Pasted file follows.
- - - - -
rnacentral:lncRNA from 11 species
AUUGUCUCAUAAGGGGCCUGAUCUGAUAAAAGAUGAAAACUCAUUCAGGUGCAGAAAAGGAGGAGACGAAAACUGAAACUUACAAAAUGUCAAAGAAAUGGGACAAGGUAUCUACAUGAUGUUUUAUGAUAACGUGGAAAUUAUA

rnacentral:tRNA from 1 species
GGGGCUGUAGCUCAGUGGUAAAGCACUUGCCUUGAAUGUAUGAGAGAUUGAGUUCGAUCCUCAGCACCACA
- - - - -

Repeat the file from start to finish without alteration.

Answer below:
rnacentral:lncRNA from 11 species
AUUGUCUCAUAAGGGGCCUGAUCUGAUAAAAGAUGAAAACUCAUUCAGGUGCAGAAAAGGAGGAGACGAAAACUGAAACUUACAAAAUGUCAAAGAAAUGGGACAAGGUAUCUACAUGAUGUUUUAUGAUAACGUGGAAAUUAUA

rnacentral:tRNA from 1 species
GGGGCUGUAGCUCAGUGGUAAAGCACUUGCCUUGAAUGUAUGAGAGAUUGAGUUCGAUCCUCAGCACCACA